- 1 Tracking Active Directory Operations with PowerShell Commands
- 2 Azure Automation DSC Configures from the Cloud
- 3 AD Key Health Checks, Part 4: Backing Up AD Partitions
- 4 AD Key Health Checks, Part 3: Designating Bridgehead Servers
- 5 Keeping Active Directory Running Smoothly - Key Health Checks, Part 2
Hyper-V and VMware vSphere Architectures: Pros and Cons
Both VMware and Microsoft have been in the server virtualization scene for a number of years — VMware for more than a decade now, while Microsoft entered into it relatively recently.
It is imperative for IT workers or organizations to understand the differences between the Microsoft Hyper-V and VMware vSphere architectures as well as the advantages and disadvantages each technology offers before they propose the virtualization solutions to their customers or employees — or before using it in a production environment.
There are a number of important components to consider when choosing either VMware vSphere or Microsoft Hyper-V, but from an architecture standpoint of view, the following components play an important role when it comes to choosing the right server virtualization product:
- Device Driver Location in the architecture
- Controlling Layer components
- Hypervisor Layer components
In general, there are three types of virtualization architectures virtualization vendors refer to. They are:
- Type 2 VMM
- Type 1 VMM
- Hybrid VMM
While explaining all three types of virtualization architecture is out of the scope of this article, the one that we'll primarily focus on in this article is the Type 1 VMM. Type 1 VMM is what Microsoft Hyper-V and VMware are using to implement their server virtualization technologies.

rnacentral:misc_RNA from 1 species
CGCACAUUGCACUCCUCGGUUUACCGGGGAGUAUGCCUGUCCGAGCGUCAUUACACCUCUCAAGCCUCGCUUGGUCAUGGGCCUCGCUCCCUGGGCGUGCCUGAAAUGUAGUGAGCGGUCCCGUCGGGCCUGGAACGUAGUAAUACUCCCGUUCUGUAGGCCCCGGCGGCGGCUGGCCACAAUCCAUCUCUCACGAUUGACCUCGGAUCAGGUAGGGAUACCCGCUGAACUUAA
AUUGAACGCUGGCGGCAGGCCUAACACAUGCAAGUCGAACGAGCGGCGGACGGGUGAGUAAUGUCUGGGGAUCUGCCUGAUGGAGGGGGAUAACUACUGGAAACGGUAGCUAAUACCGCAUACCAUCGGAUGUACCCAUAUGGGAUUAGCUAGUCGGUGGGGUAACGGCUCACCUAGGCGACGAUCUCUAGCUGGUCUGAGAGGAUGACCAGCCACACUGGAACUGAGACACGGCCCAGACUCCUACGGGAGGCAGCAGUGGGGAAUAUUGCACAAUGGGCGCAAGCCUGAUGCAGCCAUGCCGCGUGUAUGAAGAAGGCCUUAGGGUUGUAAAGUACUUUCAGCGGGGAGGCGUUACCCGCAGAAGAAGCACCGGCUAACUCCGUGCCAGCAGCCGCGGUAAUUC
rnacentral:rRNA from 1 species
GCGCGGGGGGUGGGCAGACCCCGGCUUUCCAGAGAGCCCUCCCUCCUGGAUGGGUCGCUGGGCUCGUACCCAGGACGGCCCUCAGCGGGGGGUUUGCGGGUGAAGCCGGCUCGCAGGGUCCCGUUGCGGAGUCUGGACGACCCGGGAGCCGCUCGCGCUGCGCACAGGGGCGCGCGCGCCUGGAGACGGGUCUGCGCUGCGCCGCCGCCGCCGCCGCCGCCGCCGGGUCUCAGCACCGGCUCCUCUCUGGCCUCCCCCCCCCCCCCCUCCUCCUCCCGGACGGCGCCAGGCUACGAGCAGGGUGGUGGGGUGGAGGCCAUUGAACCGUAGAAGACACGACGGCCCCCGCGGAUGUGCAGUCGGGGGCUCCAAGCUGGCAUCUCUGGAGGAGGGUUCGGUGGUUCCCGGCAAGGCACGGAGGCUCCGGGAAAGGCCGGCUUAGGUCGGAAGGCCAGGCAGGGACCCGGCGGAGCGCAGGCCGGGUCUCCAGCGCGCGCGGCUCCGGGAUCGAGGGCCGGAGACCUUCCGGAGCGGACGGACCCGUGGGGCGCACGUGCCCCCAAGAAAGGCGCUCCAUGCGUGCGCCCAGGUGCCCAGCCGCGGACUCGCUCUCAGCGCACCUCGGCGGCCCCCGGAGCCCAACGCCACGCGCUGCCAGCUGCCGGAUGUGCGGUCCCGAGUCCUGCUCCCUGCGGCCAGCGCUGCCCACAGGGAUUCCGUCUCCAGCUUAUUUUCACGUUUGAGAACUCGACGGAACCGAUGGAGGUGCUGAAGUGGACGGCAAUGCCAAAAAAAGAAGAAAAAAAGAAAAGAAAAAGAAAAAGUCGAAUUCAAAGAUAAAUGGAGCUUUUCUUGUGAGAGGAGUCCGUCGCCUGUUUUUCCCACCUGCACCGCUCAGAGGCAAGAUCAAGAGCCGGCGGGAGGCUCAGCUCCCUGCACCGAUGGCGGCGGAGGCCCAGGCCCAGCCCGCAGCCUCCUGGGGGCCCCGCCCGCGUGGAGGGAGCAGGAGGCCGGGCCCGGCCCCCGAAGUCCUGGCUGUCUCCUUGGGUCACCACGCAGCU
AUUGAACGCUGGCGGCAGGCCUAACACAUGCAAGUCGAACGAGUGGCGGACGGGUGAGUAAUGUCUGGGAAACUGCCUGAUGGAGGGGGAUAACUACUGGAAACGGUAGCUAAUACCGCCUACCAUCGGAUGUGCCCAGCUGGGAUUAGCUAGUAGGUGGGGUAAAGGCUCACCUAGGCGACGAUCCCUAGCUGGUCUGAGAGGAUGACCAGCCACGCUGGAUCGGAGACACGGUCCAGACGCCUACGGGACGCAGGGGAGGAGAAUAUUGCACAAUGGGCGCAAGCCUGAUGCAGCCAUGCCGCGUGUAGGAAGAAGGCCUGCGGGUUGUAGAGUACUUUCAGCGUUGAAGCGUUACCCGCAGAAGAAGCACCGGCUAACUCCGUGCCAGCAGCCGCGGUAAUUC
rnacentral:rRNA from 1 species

Type 1 VMM can be further divided into two subcategories: Monolithic Hypervisor Design and Microkernelized Hypervisor Design. Both designs have three layers in which different components of virtualization product operate.
The lowest layer is called the "Hardware Layer" and is virtualized by the "Hypervisor layer" running directly on top of the "Hardware Layer." The top layer is called "Controlling Layer." The overall objective of the "Controlling Layer" is to control the components running in this layer as well as provide the necessary components for virtual machines to communicate with the "Hypervisor Layer."
Note: The "Hypervisor layer" is sometimes referred as "VMM Layer" or "VM Kernel Layer."
Microkernelized Hypervisor Design
The Microkernelized Hypervisor Design is used by Microsoft Hyper-V. This design does not require the device drivers to be part of the Hypervisor layer — the device drivers operate independently and run in the "Controlling Layer" as shown in the image below:
The Microkernelized Hypervisor Design provides the following advantages:
- Device drivers are not needed for each device to be incorporated in the "Hypervisor Layer" or VMM Kernel
- Since Microsoft does not provide Application Programming Interfaces (APIs) to access the "Hypervisor Layer," the attack surface is minimized. No one can inject foreign code in the "Hypervisor Layer."
- Device Drivers do not need to be hypervisor-aware. So a wide-range of devices can be used with the Microkernelized Hypervisor Design.
- There is no need to shut down "Hypervisor Layer" to include the device drivers. The Device Drivers can be installed in the Operating System running in the "Controlling Layer" (Windows Server 2008, R2, and Windows Server 2012) and used by the Virtual Machines to access the hardware in the "Hardware Layer."
- "Hypervisor Layer" has less overhead for maintaining and managing the Device Drivers.
- The Microkernelized Hypervisor Design allows you to install any other server roles in the "Controlling Layer" apart from Server Virtualization role (Hyper-V).
- There is less initialization time required. The Microsoft Hypervisor code is only 600 KB or so in size. As a result, the "Hypervisor Layer" does not require more time to initialize its components.
Read more on "Server Virtualization Spotlight" »